For years, federal laws (and some state laws) have prohibited hospitals from paying physicians for referrals. Yet some hospitals continue unethical and illegal practices, possibly due to a perception of low risk.1,2

“The mentality is something like ‘The odds of getting caught are small, we will not be prosecuted, so it is worth the gamble,’” says Tom Ealey, professor of business administration at Alma (MI) College. The changing relationship between physicians and hospitals is another contributing factor. Employed physicians now outnumber self-employed physicians, according to a recent American Medical Association study on physician practice arrangements.3 Another factor is many hospitals are struggling financially. “In many areas, the competition between hospitals and systems is really brutal. That is not an excuse, but it is certainly a cause,” Ealey notes.

To survive in competitive markets, hospitals need a certain amount of market share. “High-quality physicians bring market share, and large paychecks bring high-quality physicians,” Ealey explains. The problem is that some paychecks are disproportionately large and clearly not justified by the revenue brought in by the physician. Thus, says Ealey, “the compensation appears to be bribes for filling beds and ordering ancillaries.”

Ethical concerns enter the picture if physicians put their own interests above patients’. “Some patients are steered toward services in order to fulfill an unethical and/or illegal business arrangement — or, worse, subjected to unnecessary services simply to generate revenue,” Ealey says.

Kickbacks are only possible if insurers overpay physicians or hospitals for some procedures or types of admissions, says Mark V. Pauly, PhD, professor of healthcare management, business economics, and public policy at the Wharton School of the University of Pennsylvania. “It is better to remove the incentive for high-profit referrals than to shame those who yield to temptation,” Pauly offers.

This can happen by payers not overpaying and hospitals not accepting overpayment — or, if they do, to fully disclose how that revenue is shared with physicians. “If they fully disclose, I would not regard that as clearly unethical,” Pauly suggests.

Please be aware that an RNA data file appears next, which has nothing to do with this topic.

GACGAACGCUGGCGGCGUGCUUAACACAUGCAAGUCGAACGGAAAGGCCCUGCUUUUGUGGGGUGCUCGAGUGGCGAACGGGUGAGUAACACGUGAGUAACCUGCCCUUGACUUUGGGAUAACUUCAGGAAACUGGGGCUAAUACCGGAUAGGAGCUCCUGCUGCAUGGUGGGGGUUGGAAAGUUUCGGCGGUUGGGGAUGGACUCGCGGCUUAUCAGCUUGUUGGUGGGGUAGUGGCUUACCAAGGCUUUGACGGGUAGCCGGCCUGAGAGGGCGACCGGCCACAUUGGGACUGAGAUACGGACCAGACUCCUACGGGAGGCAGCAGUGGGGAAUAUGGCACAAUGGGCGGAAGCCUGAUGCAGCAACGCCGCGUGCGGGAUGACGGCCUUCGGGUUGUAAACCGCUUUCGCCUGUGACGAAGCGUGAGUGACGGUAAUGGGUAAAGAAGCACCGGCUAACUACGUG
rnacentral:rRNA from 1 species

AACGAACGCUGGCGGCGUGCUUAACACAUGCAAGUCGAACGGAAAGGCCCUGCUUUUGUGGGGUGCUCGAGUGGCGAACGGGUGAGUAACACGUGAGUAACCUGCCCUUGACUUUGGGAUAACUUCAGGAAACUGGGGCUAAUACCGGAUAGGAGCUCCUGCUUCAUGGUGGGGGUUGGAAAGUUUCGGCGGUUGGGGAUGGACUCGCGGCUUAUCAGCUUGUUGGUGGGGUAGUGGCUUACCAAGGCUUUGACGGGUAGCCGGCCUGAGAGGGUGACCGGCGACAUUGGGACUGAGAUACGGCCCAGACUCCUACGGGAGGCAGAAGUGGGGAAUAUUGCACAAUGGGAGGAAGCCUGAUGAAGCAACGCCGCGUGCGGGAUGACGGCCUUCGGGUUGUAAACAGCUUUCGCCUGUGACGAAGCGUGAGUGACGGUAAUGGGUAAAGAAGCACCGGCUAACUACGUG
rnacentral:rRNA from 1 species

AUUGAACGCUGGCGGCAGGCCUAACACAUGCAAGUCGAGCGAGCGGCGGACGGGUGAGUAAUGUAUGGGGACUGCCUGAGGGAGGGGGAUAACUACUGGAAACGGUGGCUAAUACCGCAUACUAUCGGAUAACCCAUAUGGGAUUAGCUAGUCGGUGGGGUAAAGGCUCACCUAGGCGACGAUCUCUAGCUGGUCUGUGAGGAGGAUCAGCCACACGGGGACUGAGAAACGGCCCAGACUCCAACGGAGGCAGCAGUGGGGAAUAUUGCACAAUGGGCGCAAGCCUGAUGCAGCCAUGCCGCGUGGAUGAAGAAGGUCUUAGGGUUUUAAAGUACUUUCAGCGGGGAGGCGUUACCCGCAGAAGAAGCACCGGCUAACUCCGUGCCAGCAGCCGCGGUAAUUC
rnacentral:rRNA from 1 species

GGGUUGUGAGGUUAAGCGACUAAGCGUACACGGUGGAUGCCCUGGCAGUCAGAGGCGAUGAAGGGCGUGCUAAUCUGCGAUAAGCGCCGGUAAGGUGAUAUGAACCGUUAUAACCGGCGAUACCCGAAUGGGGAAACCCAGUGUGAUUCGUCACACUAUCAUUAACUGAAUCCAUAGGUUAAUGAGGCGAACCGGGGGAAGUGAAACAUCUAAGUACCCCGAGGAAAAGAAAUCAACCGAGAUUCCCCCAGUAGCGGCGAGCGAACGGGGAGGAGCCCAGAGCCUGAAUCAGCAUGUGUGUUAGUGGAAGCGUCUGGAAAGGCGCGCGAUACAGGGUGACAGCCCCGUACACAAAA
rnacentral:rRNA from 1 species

In reality, this rarely, if ever, happens. “I don’t think hospitals or networks ever share physician compensation information with patients, and I doubt they share it with insurers,” Ealey says. There is little transparency about these financial matters in the hospital sector, says Ealey, “other than mandated reports, which do not tell us much at a detail level.”

The problem is better handled on the payer side, Pauly says. For instance, insurance plans could offer network membership only to physicians and hospitals that do not engage in low-value referrals. For hospital leaders, there is little reason to take action. “Unless it affects their revenues from admissions or other services for which they are the referral partner, they have a hard time having clean hands,” Pauly says.

Influences over referrals, if handled well, can support informed choices and higher-value referral practices, argues Matthew DeCamp, MD, PhD, associate professor in the Center for Bioethics and Humanities at University of Colorado Anschutz Medical Campus.4

“The primary ethics concern, of course, is whether any method of influencing referrals, whether financial or nonfinancial, inappropriately affects what is best for the patient or their choices,” DeCamp says.

There also are justice-related concerns if referral practices put certain groups of patients at a disadvantage, DeCamp adds. For example, rural patients may be referred to urban centers that require unaffordable long-distance travel.

Some institutions are trying to shape referral practices to achieve better coordinated, higher-value care. “At the institutional level, a real need exists to ensure that these well-intentioned efforts actually function as intended,” DeCamp says. When referral programs are evaluated, costs and medical outcomes may be all that is considered. “It is paramount that hospital leaders understand the real-world experiences of patients and frontline clinicians when they decide whether referral programs are successful or not,” DeCamp says.


  1. U.S. Department of Justice. Kalispell Regional Healthcare System to pay $24 million to settle False Claims Act allegations, Sept. 28, 2018. Available at:
  2. U.S. Department of Justice. United States files lawsuit against West Virginia hospital, its management company, and its CEO based on kickbacks and other improper payments to physicians, March 25, 2019. Available at:
  3. Rama A. Payment and delivery in 2018: Participation in medical homes and accountable care organizations on the rise while fee-for-service revenue remains stable. Chicago: American Medical Association; 2019. Available at:
  4. DeCamp M, Lehmann LS. Guiding choice: Ethically influencing referrals in ACOs. N Engl J Med 2015;372:205-207.